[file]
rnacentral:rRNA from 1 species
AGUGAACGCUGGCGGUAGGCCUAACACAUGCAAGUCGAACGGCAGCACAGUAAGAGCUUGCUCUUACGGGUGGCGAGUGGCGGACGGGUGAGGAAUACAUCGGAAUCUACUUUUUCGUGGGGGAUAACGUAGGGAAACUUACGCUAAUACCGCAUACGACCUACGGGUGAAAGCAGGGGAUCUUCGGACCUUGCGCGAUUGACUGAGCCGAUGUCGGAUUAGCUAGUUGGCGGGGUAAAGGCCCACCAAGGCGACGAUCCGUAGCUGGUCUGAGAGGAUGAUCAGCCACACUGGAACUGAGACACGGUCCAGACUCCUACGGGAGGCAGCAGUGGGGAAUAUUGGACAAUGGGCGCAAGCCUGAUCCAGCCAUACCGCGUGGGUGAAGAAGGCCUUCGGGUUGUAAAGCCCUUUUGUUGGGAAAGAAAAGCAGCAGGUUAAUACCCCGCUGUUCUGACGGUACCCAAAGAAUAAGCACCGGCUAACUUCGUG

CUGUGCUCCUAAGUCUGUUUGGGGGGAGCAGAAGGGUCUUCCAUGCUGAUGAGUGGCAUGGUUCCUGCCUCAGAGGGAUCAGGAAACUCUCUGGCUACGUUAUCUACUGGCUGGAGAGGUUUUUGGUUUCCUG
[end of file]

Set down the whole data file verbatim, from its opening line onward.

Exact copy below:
rnacentral:rRNA from 1 species
AGUGAACGCUGGCGGUAGGCCUAACACAUGCAAGUCGAACGGCAGCACAGUAAGAGCUUGCUCUUACGGGUGGCGAGUGGCGGACGGGUGAGGAAUACAUCGGAAUCUACUUUUUCGUGGGGGAUAACGUAGGGAAACUUACGCUAAUACCGCAUACGACCUACGGGUGAAAGCAGGGGAUCUUCGGACCUUGCGCGAUUGACUGAGCCGAUGUCGGAUUAGCUAGUUGGCGGGGUAAAGGCCCACCAAGGCGACGAUCCGUAGCUGGUCUGAGAGGAUGAUCAGCCACACUGGAACUGAGACACGGUCCAGACUCCUACGGGAGGCAGCAGUGGGGAAUAUUGGACAAUGGGCGCAAGCCUGAUCCAGCCAUACCGCGUGGGUGAAGAAGGCCUUCGGGUUGUAAAGCCCUUUUGUUGGGAAAGAAAAGCAGCAGGUUAAUACCCCGCUGUUCUGACGGUACCCAAAGAAUAAGCACCGGCUAACUUCGUG

CUGUGCUCCUAAGUCUGUUUGGGGGGAGCAGAAGGGUCUUCCAUGCUGAUGAGUGGCAUGGUUCCUGCCUCAGAGGGAUCAGGAAACUCUCUGGCUACGUUAUCUACUGGCUGGAGAGGUUUUUGGUUUCCUG